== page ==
Why am I writing about open enrollment? For many gifted students their local school district does not provide appropriate educational opportunities. Students may not have the rigor they need. There might not be activities or classes in areas of strength or interest. Teachers may not be willing or able to provide instruction appropriate for a gifted learner. Parents may have exhausted all avenues of resources within their local school district and feel there is nothing left to pursue to attempt to meet the needs of their child other than going to a different school district.
Why would a parent consider a virtual charter school? The same reasons above apply here.
Students may be overwhelmed by school, or need the freedom to learn at their fast-paced rate of speed. They may have special interests that take them away from a brick and mortar classroom too much given the strict attendance policies of school districts. These students may be athletes, musicians, equestrians, actors, or other specialized individuals. Virtual school allows them to travel to athletic events such as Olympic work-ups, a national or international concert or competition schedule, equestrian competitions around the country, or acting jobs around the globe. Going to school via a virtual school means that they can ‘do’ school any place, and nearly any time. Some students just need the quiet down time of learning at home. Students in a public virtual charter school have licensed teachers and many opportunities only available in this type of school setting.
I’ve seen gifted children thrive as an open enrolled student in a neighboring or far away brick and mortar school, and in virtual schools. The benefits are many if the local school district does not meet the child’s needs. How does a parent go about making this important decision? First visit the WI DPI website on open enrollment listed below. Read all the information. If you are interested in applying to another school district make sure you visit the schools, talk to the teachers, administration, people in the gifted department. Visit classrooms when school is in session. Talk to parents of children already in the school district and to the students themselves. Ask lots of questions about the programming, course offerings and selection, longevity of the gifted program, and future plans for the gifted program. For a virtual school do all of the same things. Ask to visit a virtual class online to see how it works. Have your child there with you. Talking to parents, students, and teachers is important to get a feel for how much time virtual school takes in real life. Ask how the school meets the needs of gifted learners and what their philosophy is for gifted learners. Both types of schools often host open enrollment parent information meetings in the evenings to showcase what they have to offer open enrolled students. Attend those meetings. You will meet and hear the faculty and staff of the school and generally meet students and parents from the school and/or district.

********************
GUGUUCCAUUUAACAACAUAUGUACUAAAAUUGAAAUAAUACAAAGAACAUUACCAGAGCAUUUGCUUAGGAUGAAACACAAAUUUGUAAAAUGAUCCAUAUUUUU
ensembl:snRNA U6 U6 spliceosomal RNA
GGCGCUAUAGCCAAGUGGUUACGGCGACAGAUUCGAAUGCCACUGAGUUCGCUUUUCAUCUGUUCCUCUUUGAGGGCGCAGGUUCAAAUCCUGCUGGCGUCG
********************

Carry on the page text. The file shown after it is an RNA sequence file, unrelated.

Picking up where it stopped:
The decision to move a child from the local school district is not generally an easy one to make. Parents often second-guess themselves. If you live in an area where open enrollment is common due to a large employer and parents want their children close to their work, it is often an easier decision than when considering moving a child because the current situation has gone awry. The decision to move to a virtual charter school is often even more daunting. One parent must be at home to monitor virtual schooling, and that is a big sacrifice for many families. Regardless of which type of school a parent is considering the decision is complex because that is admitting that the local school district is not meeting the needs of all of their students. Once this has been acknowledged, the process becomes smoother.
There are a few things parents need to know about open enrollment. These are listed on the DPI website and should be useful for parents to know about. In order to open enroll in another school district the resident district (where the student is coming from) must approve the transfer out, and the non-resident school district (where the student is going to) must approve the transfer in. There are some special requirements for 4K, 5K, and kindergarten; special education students; and a few other groups of students. This is all listed on the DPI website. There is an application on the DPI website that parents must complete. There are also important dates regarding application and notification.
I encourage any parent who is interested to learn more about open enrollment options for their child. If you have any doubt, but wonder if it would work, you may apply and make the final decision at a later date. Applications are due by 4:00 p.m. on April 30, 2015. The school district you apply to must let you know of acceptance or denial by June 5, 2015. Your local school district must inform you of their decision to allow or deny the open enrollment by June 12, 2015. Remember, both school districts must approve the change. Parents have until June 26, 2015 to inform the school districts of their decision. That means that parents may apply for open enrollment now, during the limited application period, and make the final decision by the end of June. This gives families time to consider this option. However, if you miss the application timeframe, you have no other choices. Many families apply for open enrollment and then decide in late June to stay in their resident school district. Others accept the offer of open enrollment.
There are many parents who made the decision to open enroll their gifted student(s) for any number of reasons, including this writer. It is worth considering, but the decision to apply is ultimately yours alone. You know what is best for your family.
WI DPI Public School Open Enrollment